Зображення сторінки
PDF
ePub

THE DEATH OF THE FLOWERS.

“The melancholy days are come, the saddest of the year, Of wailing (1) winds, and naked woods, and meadows brown

and sere (2) Heap'd in the hollows of the grove the wither'd leaves lie

dead, They rustle to the eddying (3) gust, and to the rabbit's tread.

The robin and the wren are flown, and from the shrub the

jay, And from the wood-top calls the crow, through all the

gloomy day. Where are the flowers, the fair young flowers, that lately

sprung and stood, In brighter light and softer airs, a beauteous sisterhood !

Alas ! they all are in their graves, the gentle race of flowers Are lying in their lowly beds, with the fair and good of ours, The rain is falling where they lie, but the cold November

rain, Calls not, from out the gloomy earth, the lovely ones again.”

BRYANT. (1) Wailing-sorrowful.-—(2) Sero-withered.—(3) Eddyingmoving in a ring.

This piece, written by a talented American Poet, describes truthfully the appearance of the country about the month of November,—the lovely flowers have disappeared—the feathered songsters are gone to more sunny climes—the trees are bare--the wind blows cold and we love our pleasant firesides.

THE CRUCIFIXION.

Bound upon the accursed tree,
Faint and bleeding who is He ?
By the eyes so pale and dim,
Streaming blood and writhing (1) limb,
By the flesh with scourges torn,
By the crown of twisted thorn,
By the side so deeply pierced,
By the baffled burning thirst,
By the drooping death-dew'd brow,
Son of Man! 'tis Thou, 'tis Thou !

Bound upon the accursed tree,
Dread and awful, who is He ?-
By the sun at noon-day pale,
Shivering rocks, and rending veil,
By earth that trembles at his doom,
By yonder saints who burst their tomb,
By Eden, promised ere He died
To the felon (2) at his side,
Lord ! our suppliant knees we bow,
Son of God ! 'tis Thou, 'tis Thou!

MILMAN.

(1) Writhing-distorted, trembling with pain. -(2) Felon--one guilty of a capital offence.

THE MARINERS OF ENGLAND.

Ye mariners of England!

Who guard our native seas,
Whose flag has braved a thousand years

The battle and the breeze,
Your glorious standard launch again,

To match another foe,
And sweep through the deep

While the stormy tempests blow;
While the battle rages long and loud,

And the stormy tempests blow.

The spirits of your fathers

Shall start from every wave !
For the deck it was their field of fame,

And Ocean was their grave;
Where Blake (1) and mighty Nelson fell,

Your manly hearts shall glow,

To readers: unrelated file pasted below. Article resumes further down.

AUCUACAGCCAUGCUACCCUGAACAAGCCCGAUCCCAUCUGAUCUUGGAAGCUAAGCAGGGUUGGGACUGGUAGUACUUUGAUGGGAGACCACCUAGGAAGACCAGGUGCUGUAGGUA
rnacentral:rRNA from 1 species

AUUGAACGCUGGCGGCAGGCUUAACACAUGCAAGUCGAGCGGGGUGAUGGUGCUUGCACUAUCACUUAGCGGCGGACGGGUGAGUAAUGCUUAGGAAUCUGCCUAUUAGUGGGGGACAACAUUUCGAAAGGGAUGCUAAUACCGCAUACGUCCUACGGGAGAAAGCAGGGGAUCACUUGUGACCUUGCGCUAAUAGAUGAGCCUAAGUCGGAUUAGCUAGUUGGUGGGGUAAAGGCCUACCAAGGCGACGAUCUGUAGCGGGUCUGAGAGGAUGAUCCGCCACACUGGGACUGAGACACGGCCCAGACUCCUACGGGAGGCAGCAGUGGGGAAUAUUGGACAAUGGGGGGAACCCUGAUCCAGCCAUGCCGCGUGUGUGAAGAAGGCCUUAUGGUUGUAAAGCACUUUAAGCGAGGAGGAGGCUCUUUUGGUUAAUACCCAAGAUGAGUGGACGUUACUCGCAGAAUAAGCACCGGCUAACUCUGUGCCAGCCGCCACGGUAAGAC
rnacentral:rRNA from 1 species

As ye sweep through the deep,

While the stormy tempests blow;
While the battle rages long and loud,

And the stormy tempests blow.

Britannia needs no bulwarks,

No towers along the steep;
Her march is o'er the mountain waves,

Her home is on the deep;

(1) Blake—a celebrated English Admiral in the time of Cromwell. He defeated the Dutch fleet at various times, and after gaining many decisive battles over the Spaniards, was seized with a dropsy, of which he died 1657.

With thunders from her native oak,

She quits the floods below,
As they roar on the shore,

When the stormy tempests blow;
When the battle rages long and loud,

And the stormy tempests blow.

The meteor flag of England

Shall yet terrific burn,
Till danger's troubled night depart,

And the star of peace return.
Then, then, ye ocean warriors !

Our song and feast shall flow
To the fame of your name,

When the storm has ceased to blow;
When the fiery fight is heard no more,
And the storm has ceased to blow.

CAMPBELL.

THE NIGHTINGALE AND GLOWWORM.

A Nightingale that all day long
Had cheer'd the village with his song,
Nor yet at eve his note suspended, (1)
Nor yet when even-tide was ended
Began to feel, as well he might,
The keen demands of appetite:
When looking eagerly around,
He spied, far off upon the ground,

(1) Suspended-stopped, left off.

A something shining in the dark,
And knew the glow-worm by his spark;
So stooping down from hawthorn top,
He thought to put him in his crop.

The worm, aware of his intent,
Harangued him thus, right eloquent;-
“Did you admire my lamp," quoth he,
“As much as I your minstrelsy,
You would abhor (2) to do me wrong,
As much as I to spoil your song ;
For 'twas the self-same power divine,
Taught you to sing and me to shine,
That you with music, I with light,
Might beautify and cheer the night.”

The songster heard his shoi i oration,
And warbling out his approbation,
Released him, as my story tells,
And found a supper somewhere else.

COWPER. (2) Abhor-dislike. The Nightingale, as its name implies, sings at night, as well as in the day time, when its song is not so readily to be distinguished as in the calm moonlight when all the sounds of nature are hushed, excepting where this solitary warbler pours forth its rich and exquisite melody. It frequents close shrubberies and visits our island only in the summer time, leaving it again in the winter for Africa, and warmer climates. The Nightingale builds a beautiful nest and lays generally five eggs of an olive brown colour. It feeds on worms, insects and berries.

The Glow-worm is a small creeping insect that shines in the dark by a luminous tail.

« НазадПродовжити »